Monday, March 28, 2011

Food Rules! It Does. But This is About the Book.

  I recently read the book Food Rules by Michael Pollan.  It was very interesting. It's a small book - I read it in about an hour (to the amazement of the kids) and found the prologue to be especially interesting. I spent half a day spouting nutritional advice to the hubster and the kids. They found it very amusing.

Really, if you read no other book about nutrition in your life - give this a try. Most of what it contained wasn't news to me. For the most part it's common sense, but it's nice to see if all in one place, in such a concise and understandable way.

The book consists of 64 simple rules to follow to eat healthy, many of which overlap.

Here are a few of the rules I really liked:

  • Don't eat anything your great-grandmother wouldn't recognize as food. He specifically mentioned those wonderfully sweet, colorful tubes of yogurt. Are those food? The kids sure enjoy it. But with all the added sugars and colors it's not really much more than a dessert. Granted one with some healthy ingredients but those may well be overshadowed by the sheer mountains of added sugars and artificial colors. What else would great-grandma not recognize? Twinkies? Fruit Loops? Plenty of other stuff I'm sure.
  • Avoid foods that have some form of sugar or sweetener listed among the top three ingredients. This makes sense. If it has that much sugar added it's either very unhealthy or inherintly disgusting in that it requires such huge amounts of sugar to make it palatable.
  • Avoid food products that contain more than five ingredients. This one is interesting. If it contains more than 5 or so ingredients it is most-likely heavily processed and contains a lot of salt, sugars, additives or any number of other chemicals. Take a look at the ingredient list for Hamburger Helper, or a frozen pizza. You're better off making something from scratch or sticking to something less heavily processed.
  • Avoid foods that are pretending to be something they are not. Things like margarine (basically oils and chemicals dressed up to look and sometimes taste, like butter), artificial sweeteners, fake fats, etc. These things are generally very heavily processed to get to the state they are in. I don't follow this one necessarily. I use margarine and butter and (at least until now) haven't leaned too much one way or the other. Both have their advantages and disadvantages. But I do tend to want to avoid artificial sweeteners. I put them in my coffee and I drink diet soda, but I'm not entirely comfortable with them. I plan to cut out the soda altogether as soon as my home stash is exhausted. Should be interesting.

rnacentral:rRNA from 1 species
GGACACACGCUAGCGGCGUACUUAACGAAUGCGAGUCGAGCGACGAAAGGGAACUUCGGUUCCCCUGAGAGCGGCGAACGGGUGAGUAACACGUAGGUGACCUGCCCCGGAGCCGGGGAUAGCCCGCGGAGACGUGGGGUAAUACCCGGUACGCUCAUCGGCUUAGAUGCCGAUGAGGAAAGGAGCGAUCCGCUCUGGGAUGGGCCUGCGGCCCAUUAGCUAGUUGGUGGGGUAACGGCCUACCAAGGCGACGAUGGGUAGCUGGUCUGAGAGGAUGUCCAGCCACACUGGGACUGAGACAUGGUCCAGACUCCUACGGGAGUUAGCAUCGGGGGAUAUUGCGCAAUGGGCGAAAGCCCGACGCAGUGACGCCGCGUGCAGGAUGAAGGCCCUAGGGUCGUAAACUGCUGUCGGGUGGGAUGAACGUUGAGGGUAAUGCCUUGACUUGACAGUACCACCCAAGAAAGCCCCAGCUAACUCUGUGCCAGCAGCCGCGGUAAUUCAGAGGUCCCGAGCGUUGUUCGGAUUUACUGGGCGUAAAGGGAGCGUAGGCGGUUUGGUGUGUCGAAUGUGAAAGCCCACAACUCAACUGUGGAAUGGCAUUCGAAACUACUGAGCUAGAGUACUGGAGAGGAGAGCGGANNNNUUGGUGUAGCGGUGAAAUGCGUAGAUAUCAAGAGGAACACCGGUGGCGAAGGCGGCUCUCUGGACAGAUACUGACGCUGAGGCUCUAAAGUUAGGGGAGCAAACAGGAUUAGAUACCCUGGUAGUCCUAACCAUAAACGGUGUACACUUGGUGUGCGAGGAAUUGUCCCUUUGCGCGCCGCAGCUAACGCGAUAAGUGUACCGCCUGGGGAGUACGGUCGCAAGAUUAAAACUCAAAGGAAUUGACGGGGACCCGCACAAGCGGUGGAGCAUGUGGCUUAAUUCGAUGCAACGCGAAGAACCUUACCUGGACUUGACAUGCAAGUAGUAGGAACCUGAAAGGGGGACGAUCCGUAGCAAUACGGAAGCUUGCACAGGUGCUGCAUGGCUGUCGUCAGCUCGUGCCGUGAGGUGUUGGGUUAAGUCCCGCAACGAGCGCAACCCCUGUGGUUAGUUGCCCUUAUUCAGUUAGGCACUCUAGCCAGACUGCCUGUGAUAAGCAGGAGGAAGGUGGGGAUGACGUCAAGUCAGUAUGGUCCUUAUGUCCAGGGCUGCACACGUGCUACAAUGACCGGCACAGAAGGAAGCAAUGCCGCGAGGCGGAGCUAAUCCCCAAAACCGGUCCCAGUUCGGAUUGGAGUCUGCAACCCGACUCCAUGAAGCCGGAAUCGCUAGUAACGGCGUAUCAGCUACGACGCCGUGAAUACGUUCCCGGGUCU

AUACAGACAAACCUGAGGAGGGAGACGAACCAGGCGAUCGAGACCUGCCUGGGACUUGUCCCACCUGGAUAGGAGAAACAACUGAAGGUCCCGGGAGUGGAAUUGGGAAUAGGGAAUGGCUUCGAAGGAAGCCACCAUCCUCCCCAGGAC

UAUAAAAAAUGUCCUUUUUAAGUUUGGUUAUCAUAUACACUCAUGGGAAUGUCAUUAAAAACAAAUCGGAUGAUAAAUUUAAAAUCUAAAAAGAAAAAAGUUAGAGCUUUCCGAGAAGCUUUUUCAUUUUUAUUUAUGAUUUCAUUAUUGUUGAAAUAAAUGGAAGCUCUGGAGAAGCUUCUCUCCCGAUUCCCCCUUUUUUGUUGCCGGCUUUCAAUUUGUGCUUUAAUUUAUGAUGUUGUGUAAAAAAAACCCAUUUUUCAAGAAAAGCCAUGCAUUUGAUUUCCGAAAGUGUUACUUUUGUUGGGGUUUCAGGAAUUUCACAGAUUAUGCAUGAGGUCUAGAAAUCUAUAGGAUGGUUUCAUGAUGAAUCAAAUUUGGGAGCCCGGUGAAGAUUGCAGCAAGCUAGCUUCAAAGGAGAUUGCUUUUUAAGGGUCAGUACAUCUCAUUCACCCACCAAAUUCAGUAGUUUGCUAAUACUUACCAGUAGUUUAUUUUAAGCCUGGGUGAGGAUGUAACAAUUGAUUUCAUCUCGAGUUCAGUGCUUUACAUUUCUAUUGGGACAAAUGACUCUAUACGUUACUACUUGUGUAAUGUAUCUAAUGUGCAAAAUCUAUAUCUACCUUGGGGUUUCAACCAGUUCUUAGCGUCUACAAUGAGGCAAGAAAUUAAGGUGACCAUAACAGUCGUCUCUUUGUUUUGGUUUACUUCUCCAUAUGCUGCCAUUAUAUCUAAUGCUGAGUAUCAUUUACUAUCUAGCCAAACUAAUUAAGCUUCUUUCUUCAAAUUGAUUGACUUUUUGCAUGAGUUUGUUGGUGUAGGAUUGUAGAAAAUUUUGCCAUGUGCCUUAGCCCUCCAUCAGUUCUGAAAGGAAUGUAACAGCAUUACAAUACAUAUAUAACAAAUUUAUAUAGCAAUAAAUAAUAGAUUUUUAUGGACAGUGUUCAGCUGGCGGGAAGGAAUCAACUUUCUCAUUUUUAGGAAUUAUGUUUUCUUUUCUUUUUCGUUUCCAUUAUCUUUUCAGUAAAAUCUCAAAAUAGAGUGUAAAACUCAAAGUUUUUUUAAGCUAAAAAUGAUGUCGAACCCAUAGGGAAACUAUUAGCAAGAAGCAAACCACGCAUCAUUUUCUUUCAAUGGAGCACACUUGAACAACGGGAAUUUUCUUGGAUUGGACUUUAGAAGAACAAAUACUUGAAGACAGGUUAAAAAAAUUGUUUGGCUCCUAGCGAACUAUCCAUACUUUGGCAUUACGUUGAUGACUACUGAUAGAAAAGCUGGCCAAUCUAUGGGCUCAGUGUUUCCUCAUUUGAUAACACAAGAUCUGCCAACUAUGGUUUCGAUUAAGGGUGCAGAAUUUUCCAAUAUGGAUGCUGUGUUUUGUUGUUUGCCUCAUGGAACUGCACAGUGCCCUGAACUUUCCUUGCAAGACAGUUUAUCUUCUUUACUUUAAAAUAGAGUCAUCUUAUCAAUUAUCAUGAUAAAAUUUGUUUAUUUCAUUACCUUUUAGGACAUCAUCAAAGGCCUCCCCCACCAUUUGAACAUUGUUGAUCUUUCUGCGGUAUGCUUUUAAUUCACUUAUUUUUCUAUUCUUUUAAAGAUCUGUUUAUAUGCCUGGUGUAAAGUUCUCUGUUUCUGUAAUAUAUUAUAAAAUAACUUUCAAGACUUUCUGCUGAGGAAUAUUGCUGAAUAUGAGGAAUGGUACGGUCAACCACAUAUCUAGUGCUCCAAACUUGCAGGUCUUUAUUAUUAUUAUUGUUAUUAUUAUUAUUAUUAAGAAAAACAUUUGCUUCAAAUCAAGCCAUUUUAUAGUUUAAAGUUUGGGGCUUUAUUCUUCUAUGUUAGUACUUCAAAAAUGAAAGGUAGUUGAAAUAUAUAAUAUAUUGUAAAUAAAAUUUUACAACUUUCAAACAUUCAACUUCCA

• Stay to the edges of the supermarket - avoid the middle. The middle is where you find all the processed, overly-salted, overly-sweetened stuff. It's best to stick to the periphery of the store as much as possible where the 'whole foods' are. Things like fruits and veggies, meat, dairy products.
  • Don't eat breakfast cereals that change the color of the milk. This one will be difficult for us. We eat a lot of cereal and most of the cereal we eat is highly processed with lots of refined carbs and artificial colors. Things like Fruit Loops, Trix, Cap'n Crunch. You know - all those sweet sweet tasty cereals. The good news is we also like Cheerios and Rice Krispies and Kix which may not be uber-healthy, but they beat the heck out of some of the rainbow-colored stuff. And actually, for the past year or two I've been eating mostly oatmeal and granola. An occasional bowl of Cap'n Crunch may find it's way into my stomach, but for the most part I try to stick to higher fiber cereals in the morning to fill me up. Even Sweet Pea eats the (homemade) granola and amazingly enough, I even got the hubby to eat a bowl of oatmeal. [gasp] I know I know! Amazing.
  • And this one I especially like: Eat all the junk food you want as long as you cook it yourself. This rule was written under the assumption that most people won't bother very often to make their own junk food - cookies, cakes, etc, so it will be an occasional thing. Well, he doesn't know me. I would bake several times a week if I could. I love baking. So, I guess this is one rule I shouldn't follow.
  • Buy smaller plates and glasses. This one too is interesting - there was a study done that showed that by switching from a 12" plate to a 10" plate people reduced the amount of food they eat by 22%. That's significant! And worth a try.
Overall, this was a great little book. Chock full of great advice. Pick and choose what you want to follow, but any small changes could make a big difference. If you want to make improvements, you have to start somewhere and this book will give you some great ideas on where to start. Check it out.


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